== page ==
I'm going to hold the Shift key and press my up arrow. And we're able to go all the way down into that. Now I don't want to select the whole thing and move it; I want to get down just enough. That's the bottom, right there. So let's do this one more time. Select the front, Shift, and then up arrow. And then what I want to do is of course, just move it up, so I'll press the W command. But because I'm selecting only those polygons-- we'll turn the visibility off of the Clamp so you can see what's happening-- we're only extending just what we need, letting the Base remain inside there.
Very simple to edit these. And now that's extended up just a little bit more; it works pretty well. We'll turn off the Move tool, and we'll click the blank area to deselect. Part of editing polygons might mean adding a little bit more geometry. So just for a little bit of added realism, let's add a little bit of a rivet right here. So I'm going to go to Add Item and choose Mesh. I've a new blank Mesh layer. Ctrl+Space to get to the front view and then using the wheel on my mouse, I'm going to zoom in; you can also do it from the Zoom command in the top right.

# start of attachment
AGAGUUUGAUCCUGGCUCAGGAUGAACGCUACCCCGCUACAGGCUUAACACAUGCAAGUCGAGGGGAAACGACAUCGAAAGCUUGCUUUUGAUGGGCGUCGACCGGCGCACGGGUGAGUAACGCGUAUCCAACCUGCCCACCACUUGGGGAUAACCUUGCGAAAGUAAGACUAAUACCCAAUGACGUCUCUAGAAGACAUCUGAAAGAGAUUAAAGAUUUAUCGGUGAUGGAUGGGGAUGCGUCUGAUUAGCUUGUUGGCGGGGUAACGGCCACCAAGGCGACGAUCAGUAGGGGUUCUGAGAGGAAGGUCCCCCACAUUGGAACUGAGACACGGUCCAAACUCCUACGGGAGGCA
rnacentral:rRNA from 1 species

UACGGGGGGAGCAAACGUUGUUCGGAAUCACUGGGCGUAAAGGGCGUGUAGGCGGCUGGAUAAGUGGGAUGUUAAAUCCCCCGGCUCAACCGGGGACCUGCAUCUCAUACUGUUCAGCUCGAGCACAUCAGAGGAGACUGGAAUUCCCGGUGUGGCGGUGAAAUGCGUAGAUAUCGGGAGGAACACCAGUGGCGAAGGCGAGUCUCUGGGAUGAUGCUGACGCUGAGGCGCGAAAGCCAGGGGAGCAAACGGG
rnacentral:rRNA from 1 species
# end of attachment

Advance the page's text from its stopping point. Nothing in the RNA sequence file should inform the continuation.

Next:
We're going to select a disk and then right about here, we're just going to drag out like that, keeping an eye on your radius at the very bottom to make those even. And if you go up and down and left and right, this is how you control the X and the Y. And I'm doing this in the front view just simply for control. You can do it in any perspective view, and you can also come in here and manually punch in, just to even that out, and then turn off the tool. Ctrl+Space to get to the perspective view and you can see it's right there, which is fine.
We'll click on the polygon and then press W to move it in. And let's just make sure it touches. Now this is the advantage of having your background layer shaded as an OpenGL versus Wireframe, because now I know exactly where this is lining up. If it's a wireframe, I might not know where that is. So I'm just letting it sit right on there. Turn this off, and then I'm going to press the B key to bevel it. Click to activate the bevel. Let's shift this out and inset it just a little bit like that, and then I'm going to zoom in a little.